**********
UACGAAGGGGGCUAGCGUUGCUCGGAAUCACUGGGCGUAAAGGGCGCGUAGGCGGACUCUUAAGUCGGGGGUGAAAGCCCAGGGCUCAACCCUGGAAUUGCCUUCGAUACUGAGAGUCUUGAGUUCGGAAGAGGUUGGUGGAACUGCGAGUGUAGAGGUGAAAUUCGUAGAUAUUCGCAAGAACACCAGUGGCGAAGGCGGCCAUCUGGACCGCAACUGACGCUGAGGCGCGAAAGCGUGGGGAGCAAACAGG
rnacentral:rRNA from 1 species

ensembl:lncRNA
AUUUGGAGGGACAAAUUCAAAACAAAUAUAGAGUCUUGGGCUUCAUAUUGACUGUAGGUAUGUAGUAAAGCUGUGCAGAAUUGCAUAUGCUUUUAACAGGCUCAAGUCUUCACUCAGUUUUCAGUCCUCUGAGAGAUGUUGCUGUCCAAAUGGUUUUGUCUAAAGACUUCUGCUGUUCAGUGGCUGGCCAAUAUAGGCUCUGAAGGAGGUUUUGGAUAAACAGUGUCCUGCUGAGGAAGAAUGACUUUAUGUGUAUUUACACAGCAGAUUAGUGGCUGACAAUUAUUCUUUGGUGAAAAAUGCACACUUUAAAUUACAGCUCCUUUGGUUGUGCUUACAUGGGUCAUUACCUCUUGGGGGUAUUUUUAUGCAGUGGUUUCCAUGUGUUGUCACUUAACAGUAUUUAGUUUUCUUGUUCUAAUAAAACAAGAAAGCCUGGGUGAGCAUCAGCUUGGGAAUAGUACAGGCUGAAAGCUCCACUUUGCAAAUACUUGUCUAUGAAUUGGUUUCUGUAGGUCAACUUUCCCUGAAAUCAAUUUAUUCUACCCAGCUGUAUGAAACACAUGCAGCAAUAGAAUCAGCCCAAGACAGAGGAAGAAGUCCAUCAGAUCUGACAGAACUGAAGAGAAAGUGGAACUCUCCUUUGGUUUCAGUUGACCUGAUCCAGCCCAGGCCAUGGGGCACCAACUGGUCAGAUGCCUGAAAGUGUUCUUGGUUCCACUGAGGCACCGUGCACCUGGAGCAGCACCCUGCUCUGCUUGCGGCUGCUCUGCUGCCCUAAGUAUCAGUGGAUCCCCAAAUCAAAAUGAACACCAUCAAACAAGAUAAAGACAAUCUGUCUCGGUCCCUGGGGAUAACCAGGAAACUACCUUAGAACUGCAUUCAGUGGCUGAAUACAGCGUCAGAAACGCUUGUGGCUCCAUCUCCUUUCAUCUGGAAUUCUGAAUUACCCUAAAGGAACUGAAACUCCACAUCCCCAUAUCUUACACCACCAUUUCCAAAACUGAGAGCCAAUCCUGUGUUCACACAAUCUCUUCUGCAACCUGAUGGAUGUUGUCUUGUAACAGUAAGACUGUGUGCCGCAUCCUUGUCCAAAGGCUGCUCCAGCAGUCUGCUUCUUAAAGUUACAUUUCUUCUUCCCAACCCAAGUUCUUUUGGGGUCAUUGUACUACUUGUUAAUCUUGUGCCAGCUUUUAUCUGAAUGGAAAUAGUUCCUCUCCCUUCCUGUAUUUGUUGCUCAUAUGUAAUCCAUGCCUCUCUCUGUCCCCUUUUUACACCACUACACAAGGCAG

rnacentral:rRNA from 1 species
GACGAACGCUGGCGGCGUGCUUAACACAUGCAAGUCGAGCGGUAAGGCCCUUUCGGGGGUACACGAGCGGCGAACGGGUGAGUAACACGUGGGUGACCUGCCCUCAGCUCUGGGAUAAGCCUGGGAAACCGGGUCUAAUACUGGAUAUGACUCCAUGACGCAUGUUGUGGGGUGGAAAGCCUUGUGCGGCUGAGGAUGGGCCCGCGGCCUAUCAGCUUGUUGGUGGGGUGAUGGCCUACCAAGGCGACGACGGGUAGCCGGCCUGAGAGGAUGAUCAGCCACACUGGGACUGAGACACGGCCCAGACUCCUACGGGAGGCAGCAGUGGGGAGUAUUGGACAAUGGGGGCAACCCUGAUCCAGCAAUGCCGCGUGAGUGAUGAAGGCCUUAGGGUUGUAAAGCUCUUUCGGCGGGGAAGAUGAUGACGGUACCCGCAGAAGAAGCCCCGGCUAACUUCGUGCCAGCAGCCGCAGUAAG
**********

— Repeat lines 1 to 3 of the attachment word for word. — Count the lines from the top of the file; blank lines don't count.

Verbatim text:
UACGAAGGGGGCUAGCGUUGCUCGGAAUCACUGGGCGUAAAGGGCGCGUAGGCGGACUCUUAAGUCGGGGGUGAAAGCCCAGGGCUCAACCCUGGAAUUGCCUUCGAUACUGAGAGUCUUGAGUUCGGAAGAGGUUGGUGGAACUGCGAGUGUAGAGGUGAAAUUCGUAGAUAUUCGCAAGAACACCAGUGGCGAAGGCGGCCAUCUGGACCGCAACUGACGCUGAGGCGCGAAAGCGUGGGGAGCAAACAGG
rnacentral:rRNA from 1 species

ensembl:lncRNA